Does Facebook have a future?
Is Metaverse a new beginning for Social Media?

“We believe that the right way to break through consumer indifference to VR is to deliver what they expect and want from the medium: THE METAVERSE,”

Facebook is among the popular social media platforms across the globe. It is the mother of others because its model birthed the rest, such as Instagram and TikTok, which are valuable assets to the company.

The tremendous changes to the application’s algorithms have had notable benefits and harm to its users, according to the report by Frances Haugen, a former Facebook data scientist who is a pivotal whistleblower to the company’s malpractices under the watch of its Chief Executive, Mark Zuckerberg.

Creating an account on Facebook enables users to use their login information to create accounts in other applications or sites. Many applications on our digital gadgets integrate Facebook’s security information, such as user name, personal details, and password.
Despite the information revealed by Haugen, the rain has been beating Facebook for a while.

A report submitted to Chris Cox, Chief Product Officer, indicates that the company’s popularity among teenagers and young adults is nose-diving. According to the report, people aged 30 years and above are posting more compared to teens.

The graphs in the document indicate that teenagers’ time on Facebook has been reducing by 16% every year. Notably, there is also a reduction of 5% in the time that young adults spend on the platform.

Besides, Facebook has experienced a delay in the sign-up period among teenagers. Currently, people born after 2000 are expected to join Facebook once they reach 24 or 24 years, as opposed to those born before, who used to sign-up for an account once they were between 19 or 20 years.

The company has been losing users aged between 18 and 29, and the question remains how it will regain its market share in this age group despite its persistent problems.

Appealing to the teenagers and the young adult generation, which has also been declining by 2% since 2019 and is forecasted to drop by 4% in the next two years, will be challenging given the new revelations by Haugen, which indicates that the company only cares about revenues and not user safety and security.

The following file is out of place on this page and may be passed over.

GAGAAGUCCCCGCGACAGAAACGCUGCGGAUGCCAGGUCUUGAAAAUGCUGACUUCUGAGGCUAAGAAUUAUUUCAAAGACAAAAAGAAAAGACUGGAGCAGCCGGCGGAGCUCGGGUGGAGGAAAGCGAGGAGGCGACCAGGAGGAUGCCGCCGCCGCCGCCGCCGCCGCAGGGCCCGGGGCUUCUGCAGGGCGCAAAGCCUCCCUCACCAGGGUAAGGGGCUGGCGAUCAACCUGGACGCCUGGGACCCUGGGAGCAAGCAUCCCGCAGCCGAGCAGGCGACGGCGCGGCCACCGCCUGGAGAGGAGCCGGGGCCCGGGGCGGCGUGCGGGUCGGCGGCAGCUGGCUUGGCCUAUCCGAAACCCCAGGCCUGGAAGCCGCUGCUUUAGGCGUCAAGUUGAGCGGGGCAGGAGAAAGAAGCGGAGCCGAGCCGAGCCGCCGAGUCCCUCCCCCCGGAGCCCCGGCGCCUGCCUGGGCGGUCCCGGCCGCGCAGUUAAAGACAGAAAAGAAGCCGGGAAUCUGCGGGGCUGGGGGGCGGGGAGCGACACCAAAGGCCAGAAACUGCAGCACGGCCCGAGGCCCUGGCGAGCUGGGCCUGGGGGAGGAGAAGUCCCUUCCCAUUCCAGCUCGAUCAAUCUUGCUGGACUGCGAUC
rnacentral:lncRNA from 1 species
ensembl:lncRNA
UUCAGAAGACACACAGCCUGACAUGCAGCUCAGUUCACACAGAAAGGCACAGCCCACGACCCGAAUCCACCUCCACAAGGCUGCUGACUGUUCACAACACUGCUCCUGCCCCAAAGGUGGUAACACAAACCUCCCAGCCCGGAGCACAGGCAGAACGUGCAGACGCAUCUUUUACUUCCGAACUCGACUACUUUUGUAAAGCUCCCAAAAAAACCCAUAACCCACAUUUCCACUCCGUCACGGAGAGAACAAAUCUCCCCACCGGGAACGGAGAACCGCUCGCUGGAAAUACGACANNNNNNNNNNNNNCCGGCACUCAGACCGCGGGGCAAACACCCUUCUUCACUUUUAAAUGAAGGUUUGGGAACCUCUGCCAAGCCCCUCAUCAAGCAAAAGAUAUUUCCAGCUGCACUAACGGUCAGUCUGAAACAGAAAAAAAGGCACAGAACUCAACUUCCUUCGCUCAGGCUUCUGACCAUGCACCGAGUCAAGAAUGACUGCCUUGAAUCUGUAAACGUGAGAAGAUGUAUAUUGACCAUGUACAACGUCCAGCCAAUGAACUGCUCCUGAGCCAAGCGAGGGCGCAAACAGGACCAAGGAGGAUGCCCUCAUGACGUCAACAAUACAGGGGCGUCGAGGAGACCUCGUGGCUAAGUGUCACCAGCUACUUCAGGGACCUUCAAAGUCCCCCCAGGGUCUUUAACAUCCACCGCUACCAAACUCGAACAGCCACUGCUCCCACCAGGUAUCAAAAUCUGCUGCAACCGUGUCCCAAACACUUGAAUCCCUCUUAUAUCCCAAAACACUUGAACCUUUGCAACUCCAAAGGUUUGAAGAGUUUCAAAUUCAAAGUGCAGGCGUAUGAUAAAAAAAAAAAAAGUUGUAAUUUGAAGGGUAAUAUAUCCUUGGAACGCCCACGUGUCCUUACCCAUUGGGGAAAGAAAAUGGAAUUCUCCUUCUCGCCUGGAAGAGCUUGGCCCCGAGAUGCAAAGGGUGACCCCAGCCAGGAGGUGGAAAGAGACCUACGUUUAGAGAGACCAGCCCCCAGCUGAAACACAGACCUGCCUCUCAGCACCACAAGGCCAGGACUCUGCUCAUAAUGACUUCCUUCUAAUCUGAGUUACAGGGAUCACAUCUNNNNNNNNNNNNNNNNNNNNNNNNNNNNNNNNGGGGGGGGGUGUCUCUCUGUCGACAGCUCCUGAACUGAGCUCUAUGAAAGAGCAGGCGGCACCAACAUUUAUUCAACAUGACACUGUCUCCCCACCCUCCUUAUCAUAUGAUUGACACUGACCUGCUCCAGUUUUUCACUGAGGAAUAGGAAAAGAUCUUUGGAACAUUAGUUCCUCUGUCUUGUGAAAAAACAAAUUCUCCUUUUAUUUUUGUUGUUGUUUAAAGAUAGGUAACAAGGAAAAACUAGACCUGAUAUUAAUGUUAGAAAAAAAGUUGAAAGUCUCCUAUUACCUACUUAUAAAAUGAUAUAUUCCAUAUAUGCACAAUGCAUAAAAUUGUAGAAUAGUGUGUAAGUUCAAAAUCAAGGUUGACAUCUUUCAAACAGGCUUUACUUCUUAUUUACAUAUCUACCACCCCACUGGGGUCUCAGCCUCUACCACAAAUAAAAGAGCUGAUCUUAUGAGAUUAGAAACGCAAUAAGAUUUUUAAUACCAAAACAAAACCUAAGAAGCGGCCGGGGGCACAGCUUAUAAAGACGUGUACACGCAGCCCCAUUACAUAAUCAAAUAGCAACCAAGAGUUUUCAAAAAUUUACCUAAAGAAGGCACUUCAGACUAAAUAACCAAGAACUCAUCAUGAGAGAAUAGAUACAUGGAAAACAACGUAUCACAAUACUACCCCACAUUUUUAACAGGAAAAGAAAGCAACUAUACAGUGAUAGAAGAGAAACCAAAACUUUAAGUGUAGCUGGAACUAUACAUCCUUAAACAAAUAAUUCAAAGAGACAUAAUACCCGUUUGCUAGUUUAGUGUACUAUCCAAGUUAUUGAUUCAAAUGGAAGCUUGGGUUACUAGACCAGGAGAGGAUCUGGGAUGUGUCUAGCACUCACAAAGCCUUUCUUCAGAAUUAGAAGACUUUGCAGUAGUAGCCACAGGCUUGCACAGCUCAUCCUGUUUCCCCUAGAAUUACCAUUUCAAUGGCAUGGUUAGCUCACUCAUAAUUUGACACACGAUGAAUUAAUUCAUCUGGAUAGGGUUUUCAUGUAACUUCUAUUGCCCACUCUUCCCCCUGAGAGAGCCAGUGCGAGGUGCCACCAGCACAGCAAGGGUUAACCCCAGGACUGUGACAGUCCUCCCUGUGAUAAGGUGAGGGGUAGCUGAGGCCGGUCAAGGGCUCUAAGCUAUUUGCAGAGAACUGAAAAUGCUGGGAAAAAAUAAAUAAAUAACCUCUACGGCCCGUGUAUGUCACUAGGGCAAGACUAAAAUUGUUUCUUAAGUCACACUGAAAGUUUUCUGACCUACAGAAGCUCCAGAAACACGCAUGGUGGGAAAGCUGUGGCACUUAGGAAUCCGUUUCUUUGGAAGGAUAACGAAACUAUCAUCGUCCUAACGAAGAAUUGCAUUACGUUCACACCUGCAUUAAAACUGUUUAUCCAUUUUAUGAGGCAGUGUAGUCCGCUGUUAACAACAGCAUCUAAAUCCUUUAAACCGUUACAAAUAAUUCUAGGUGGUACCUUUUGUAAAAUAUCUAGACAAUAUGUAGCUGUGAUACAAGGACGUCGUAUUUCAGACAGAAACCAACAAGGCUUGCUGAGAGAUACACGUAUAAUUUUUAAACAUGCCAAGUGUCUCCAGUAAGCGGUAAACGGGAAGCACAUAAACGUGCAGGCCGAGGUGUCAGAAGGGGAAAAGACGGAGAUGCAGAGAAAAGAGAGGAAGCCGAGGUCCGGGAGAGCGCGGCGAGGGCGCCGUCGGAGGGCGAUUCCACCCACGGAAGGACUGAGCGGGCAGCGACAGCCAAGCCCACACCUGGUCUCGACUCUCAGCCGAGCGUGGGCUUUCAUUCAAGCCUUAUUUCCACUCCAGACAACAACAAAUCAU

Haugen argues that Facebook misguides advertisers and users by using biased or untrue data. The documents obtained indicate a reduction in the demographics of the two groups that advertisers need to know, but the company has hidden the information.

A decline in Facebook users means that targeted advertising is not as fruitful since only a few people will view the ads. The same applies to a reduction in the time spent on Facebook by teenagers and young adults.

Haugen alleges that Facebook has been violating investors’ rights by not adhering to the United States security laws by concealing information about the shrinking usage and size of the primary user cohorts. Haugen’s documents contained a graph showing the decline in time and projected user growth since 2012 for teenagers and young adults, similar to the information presented to Cox.

Facebook opted to hide such information from advertisers to avoid losing to other social medial platforms. Despite the SEC assessment that has led to damages payment, the company hangs its reputation on a thin thread. For example, in 2019, Facebook had to pay $100 million because of misleading statements on the involvement of Cambridge Analytica in misusing user data during President Trump’s campaign.